This view is sometimes depicted as an exemplary instance of realism—wiser and more in tune with the messy, uneven world that emerged from World War II—and a point of view that, had it been heeded, may have prevented the costly overreach of global cold war, especially “blunders” such as the Vietnam War (which Kennan, long retired to academia, opposed). The concept of realism, however, fails to grasp the functional logic of risk and threat assessment—the insistent and anxious hedging and speculation that made the careers and fortunes of Kennan, Forrestal, and many that followed them. Forrestal fretted obsessively in his diary along these lines: “I am more impressed than ever as things develop in the world today that policy may be frequently shaped by events unless someone has a strong and clear mental grasp of events; strong enough and clear enough so that he is able to shape policy rather than letting it be developed by accidents.” This recurrent epistemic anxiety initiated an insistent demand for anticipatory policy, abiding mistrust, and the maintenance of a preponderance of force. As Forrestal bluntly put it, “Power is needed until we are sure of the reign of law.”
Despite his long period of service within a New Deal liberal political milieu, Forrestal (like Kennan) was disinterested in universalizing the scope of political self-determination overseas, recognizing as more press ing the preservation of a capitalist economy built on uneven development and asymmetric military power at a world scale. Electrified upon reading Kennan’s “Long Telegram” (1946), Forrestal viewed his fellow Princeton man as a kindred soul, one who had intuited similar grounds of Orientalist menace, inscrutability, and immunity to anything but the language of force in Soviet conduct. It was Forrestal who brought Kennan to Washington, D.C., from Moscow and into the policy-making apparatus; both men were solicitous toward the value of rank and privilege, tolerant of authoritarian deviations from liberal standards, and assured that freedom from coercion was the provenance of those who, in Kennan’s words, were already imbued with “Anglo-Saxon traditions of compromise.”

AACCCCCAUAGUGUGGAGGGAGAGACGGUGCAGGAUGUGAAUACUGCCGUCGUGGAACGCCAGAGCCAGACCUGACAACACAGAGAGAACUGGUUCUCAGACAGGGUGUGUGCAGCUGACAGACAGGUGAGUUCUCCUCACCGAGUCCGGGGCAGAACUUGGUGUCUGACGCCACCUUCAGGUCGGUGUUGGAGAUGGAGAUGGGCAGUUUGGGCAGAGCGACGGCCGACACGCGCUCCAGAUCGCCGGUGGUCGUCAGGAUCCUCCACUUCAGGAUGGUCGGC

Forrestal framed his own deference for hierarchy in terms of the prerogatives of corporate capitalism—the idea that practical men of business, rather than reformers and intellectuals, had won World War II and needed to be running the world going forward. Among his more forceful conclusions was that liberal globalism would be disastrous if it were not steeled with counterrevolutionary animus. As he confided to diplomat Stanton Griffiths:
Between Hitler, your friends to the east, and the intellectual muddlers who have had the throttle for the last ten years, the practical people are going to have a hell of a time getting the world out of receivership, and when the miracles are not produced the crackpots may demand another chance in which to really finish the job. At that time, it will be of greatest importance that the Democratic Party speaks for the liberals, but not for the revolutionaries.
Forrestal used corporate capitalism to frame his own deference for hierarchy: practical men of business, rather than reformers and intellectuals, had won World War II.